Roborace: When software engineers are the heroes

Robot car racing will be an e-sport with a difference as software engineers compete to design the best driving algorithm, then let it loose on the road

IDG

IDG

It's rare that software engineers are lauded as the heroes of anything, but Roborace CEO Denis Sverdlov wants to change that.

Sverdlov, formerly CEO of Russian mobile operator Yota, set up Roborace last year with the goal of organizing street races that will pit self-driving cars against one another.

"In the racing environment engineers are usually in the background. Here the software engineers are the heroes," he said at Mobile World Congress in Barcelona on Monday.

Designing and building high-performance race cars is horrendously expensive, but Sverdlov wants Roborace to be an intellectual competition, not a financial one.

"It's not a battle of the budgets," he said.

Rather than have the race teams compete to build their own vehicles, Roborace is building 10 identical electrically powered race cars of its own, and it is in programming these cars to drive themselves autonomously that the teams will compete.

"We do it in a way that all the teams are working on the same hardware. They have to invest all their time and effort in the software," Sverdlov said.

Roborace won't be the first electric car race. Formula E already organizes such a championship with human drivers, and the idea for Roborace grew out of a discussion a year ago following the Beijing leg of the championship, said Alejandro Agag, CEO of Formula E, speaking in the same keynote session as Sverdlov and Simon.

"These robot races will have a big influence on the future of self-driving cars," Agag said.

It's easy to see why. Self-driving vehicles have been pulled over for driving too slowly, and some have expressed fears that they will drive too politely, stopping for inconsiderate pedestrians, but Agag's vision is of a more aggressive artificial intelligence at the wheel.

alejandro agag formula e mwc 2017 Peter Sayer

Formula E CEO Alejandro Agag spoke at Mobile World Congress in Barcelona on Feb. 27, 2017.

"Imagine two robots racing side by side towards a corner. Which one will stop first?" he asked excitedly. "It's very easy," he said. "The one with the biggest talent will go through."

There's every possibility that these driving habits could trickle down into the self-driving vehicles that may one day replace delivery and taxi drivers, making the technology -- for jaywalking pedestrians at least -- a little bit more familiar.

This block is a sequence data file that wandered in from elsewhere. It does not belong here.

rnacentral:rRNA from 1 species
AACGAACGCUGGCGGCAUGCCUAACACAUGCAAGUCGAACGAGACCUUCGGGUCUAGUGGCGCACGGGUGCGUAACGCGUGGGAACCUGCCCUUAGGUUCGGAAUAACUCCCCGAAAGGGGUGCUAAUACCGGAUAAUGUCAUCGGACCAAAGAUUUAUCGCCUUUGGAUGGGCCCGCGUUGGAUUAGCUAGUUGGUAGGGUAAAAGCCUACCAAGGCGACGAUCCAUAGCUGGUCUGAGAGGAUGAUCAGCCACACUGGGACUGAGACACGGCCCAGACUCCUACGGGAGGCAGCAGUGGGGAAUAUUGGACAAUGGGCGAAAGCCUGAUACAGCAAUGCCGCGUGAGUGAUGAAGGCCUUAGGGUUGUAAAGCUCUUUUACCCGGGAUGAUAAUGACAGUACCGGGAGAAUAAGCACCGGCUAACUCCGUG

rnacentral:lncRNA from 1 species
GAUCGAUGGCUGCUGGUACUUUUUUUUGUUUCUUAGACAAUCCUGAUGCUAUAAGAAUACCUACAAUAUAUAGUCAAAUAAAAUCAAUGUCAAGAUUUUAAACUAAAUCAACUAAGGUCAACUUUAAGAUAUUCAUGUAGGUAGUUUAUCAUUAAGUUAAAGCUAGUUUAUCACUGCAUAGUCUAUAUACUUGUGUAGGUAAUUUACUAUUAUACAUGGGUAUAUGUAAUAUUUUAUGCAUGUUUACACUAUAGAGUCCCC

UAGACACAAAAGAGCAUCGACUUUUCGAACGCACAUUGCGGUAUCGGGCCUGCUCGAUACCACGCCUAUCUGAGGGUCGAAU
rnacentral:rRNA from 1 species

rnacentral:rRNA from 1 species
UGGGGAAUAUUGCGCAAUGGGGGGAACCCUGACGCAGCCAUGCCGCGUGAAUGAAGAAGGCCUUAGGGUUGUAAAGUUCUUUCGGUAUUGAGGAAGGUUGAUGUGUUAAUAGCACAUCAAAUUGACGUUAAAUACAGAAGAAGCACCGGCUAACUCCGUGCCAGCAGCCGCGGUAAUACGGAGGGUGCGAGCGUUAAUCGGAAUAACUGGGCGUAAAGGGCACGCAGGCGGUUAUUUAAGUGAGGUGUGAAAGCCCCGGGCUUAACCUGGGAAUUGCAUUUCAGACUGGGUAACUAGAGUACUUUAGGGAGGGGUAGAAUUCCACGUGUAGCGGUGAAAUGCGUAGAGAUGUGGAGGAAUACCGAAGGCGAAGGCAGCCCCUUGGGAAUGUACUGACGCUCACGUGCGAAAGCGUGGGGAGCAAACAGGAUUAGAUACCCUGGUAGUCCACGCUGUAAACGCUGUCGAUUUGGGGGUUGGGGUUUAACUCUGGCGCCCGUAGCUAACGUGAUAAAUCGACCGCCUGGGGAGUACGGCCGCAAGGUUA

Sverdlov explained that Roborace is deliberately avoiding race tracks for its championship. "Because we want to be relevant to road cars, we use big cities and normal roads to show this," he said.

denis sverdlov roborace mwc 2017 Peter Sayer

Roborace CEO Denis Sverdlov spoke at Mobile World Congress in Barcelona on Feb. 27, 2017.

The cars will use similar technology to monitor their surroundings as that employed by other self-driving car projects, including those of Uber and Alphabet's Waymo.

"When the wheels start turning, this car is completely autonomous," said Roborace Chief Design Officer Daniel Simon, presenting the vehicle that he designed.

The car is rather showy: Simon's previous vehicle design credits include the Hollywood films Tron:Legacy and Captain America: The First Avenger.

At the front of the 975-kilogram car will be four lidar sensors, like radar but with lasers, that allow the vehicle to detect the shape and distance of objects ahead of it, with another one at the rear. Six cameras will provide video feeds of the car's surroundings for its AI, and 18 ultrasonic sensors will complete its picture of its surroundings.

The cars' brains will have to think fast to absorb all that information: their four 300-kilowatt motors will accelerate them to top speeds of up to 320 kilometers per hour, a far cry from the 25 miles per hour to which Waymo's prototypes are limited.

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Peter Sayer

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